|Tom took this photo in the Masai Mara using the little Samsung camera. Wow!|
It’s almost 10:00 am Friday. In a few minutes Tom will go with Alfred, the best taxi driver in Diani Beach, Kenya (click here for Alfred’s email), to the ATM and to drop off the remaining empty water bottles for the refunds at Nakumatt.
|We were so close.|
The refund on the bottles is KES $1000, US $11.50 (the value of the US dollar declined $.28 since we arrived in Kenya three months ago). With the three jugs, we’ll receive KES $3000, US $34.50 back.
|After an exhausting day in the bush, this older elephant was tired of holding up his trunk. So, he tossed it over a tusk to lighten his load. Sounds like us, attempting to lighten our load.|
The packing is almost completed except for the shorts and tee shirts we’re wearing today and the BugsAway clothing we’ll wear tonight for dinner at Nomad’s, our choice for our final night in Kenya. A driver from Nomad will pick us up at 7:00 pm for a leisurely dinner at their oceanfront restaurant.
|“OK, I’ll pose for you!”|
Once we return, we’ll pack the clothing we wore to dinner, check our email, and go to bed, hopefully getting a good night’s sleep.
|“It’s a birdie day!”|
Today, we’ll say goodbye to Hesborn, our houseman for the past three months, Jeremiah, our security guard, and of course, our gracious hosts, Hans and Jeri. Then, of course, our borrowed pups, Jessie and Gucci, who will each get a hug as they offer up a round of “snappy kisses.”
|This cub was at one of the ends of a culvert under the road. When she got tired of our photo taking, she got up, walked across the road, and re-entered at the other side. What a site!|
It hasn’t been easy for us here. Nor was it easy in the heat of summer with the awful biting flies and bees in the mountains of Tuscany, Italy either. But, Tuscany certainly served as preparation for our more trying time in Kenya. How we’ve changed.
|Lions in the Masai Mara seldom climb trees. Anderson spotted this cub and raced across the bush to get as close as possible. The mother lion and more cubs we lying under this tree.|
Had we known how trying it would be, would we have done it differently? Perhaps. But, we still would have done it. Nothing, and I mean, nothing, will ever match the experience in the Masai Mara on safari or even our three-day experience with the monkey and the snakes at the seaside resort. That is what brought us to Kenya in the first place, the hope of seeing the Great Migration.
|This lion was sleepy after his big zebra meal (behind him).|
Not having seen the Great Migration was incidental to the life-changing adventure we had in its place. At this point, we have no need to see it in the future. When Anderson, our guide, took us to the border of Kenya/Tanzania to see the end of the Great Migration, the flies were so bad that we had to cover our eyes, mouths, and faces. You know how I feel about flies.
|Only once for a period of 30 minutes, did we have an opportunity to watch the antics of the Colobus monkeys. Many people living in Kenya have never seen a Colobus. Getting this shot made me want to swing from trees.|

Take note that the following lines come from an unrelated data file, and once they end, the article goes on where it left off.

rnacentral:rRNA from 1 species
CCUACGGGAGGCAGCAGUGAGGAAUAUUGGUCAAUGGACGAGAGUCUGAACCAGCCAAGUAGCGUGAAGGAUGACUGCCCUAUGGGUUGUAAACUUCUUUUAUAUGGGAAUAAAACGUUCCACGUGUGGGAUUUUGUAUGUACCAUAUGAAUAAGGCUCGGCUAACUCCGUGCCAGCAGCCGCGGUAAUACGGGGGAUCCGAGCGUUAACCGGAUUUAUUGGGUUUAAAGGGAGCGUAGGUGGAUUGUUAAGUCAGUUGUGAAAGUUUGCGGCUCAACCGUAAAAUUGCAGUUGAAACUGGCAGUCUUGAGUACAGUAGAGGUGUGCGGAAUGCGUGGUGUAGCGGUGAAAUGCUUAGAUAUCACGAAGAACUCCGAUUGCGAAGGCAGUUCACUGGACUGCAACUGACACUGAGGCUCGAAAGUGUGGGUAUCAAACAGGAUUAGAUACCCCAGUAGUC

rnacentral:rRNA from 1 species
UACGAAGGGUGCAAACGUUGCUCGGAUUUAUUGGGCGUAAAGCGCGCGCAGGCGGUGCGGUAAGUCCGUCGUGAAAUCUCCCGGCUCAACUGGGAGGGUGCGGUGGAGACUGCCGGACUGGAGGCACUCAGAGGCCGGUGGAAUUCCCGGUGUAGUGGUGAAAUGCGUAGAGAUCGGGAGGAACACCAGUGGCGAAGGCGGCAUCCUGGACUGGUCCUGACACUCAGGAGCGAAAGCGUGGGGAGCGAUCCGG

And now, we move on to more heat in South Africa (where it will be summer soon), with more bugs (wildlife results in more bugs), and a new sense of caution for the wild animals in our midst at every turn. Tougher now, we aren’t afraid. Instead, we’re mindful and cautious, and, more than anything we’re excited and curious.
|Within minutes of entering our ocean cottage at The Sands Resort for our anniversary, holiday, this monkey was peering into the window wondering what we were going to do with our complimentary fruit plate. Many guests feed them putting them on alert each time a new guest arrives. We didn’t feed them. This photo was taken through the glass window.|
Earlier in a post, I’ mentioned that we’d share our total costs for our three months in Kenya. This total includes every possible expense: rent, food, transportation, entertainment, safari, resort stay, taxes and tips, fees and airfare, and overweight baggage fees to travel here. Every expense, however small, was included, such as a KES $260.85, US $3.00 trip to the produce stand, a beverage purchased at the airport, a tip handed to a bellman.
|This photo was also taken through the glass (notice reflections) as this young mom came by hoping for some tidbits for her babies.|
Our grand total for living expenses for the three months in Kenya was KES $1,388,746, US $15,971.78 which averages to KES $462,916, US $5323.93 per month. We are very pleased with these numbers, especially when it includes the high cost of the safari, our anniversary holiday, and the frequency of dining out.
|This winking chameleon made us laugh, especially his funny little mouth. He appears to be made of quality beadwork. We met him at the Snake Show at the resort. Tom is holding him.|
Goodbye, Kenya. Thank you for your friendly people, for your exquisite vegetation, your breathtaking scenery, and for the wildlife that freely exists in your natural environment which your citizens so adamantly protect with grace and reverence. Thank you for welcoming us with open arms, as you proudly release us to send us on our way.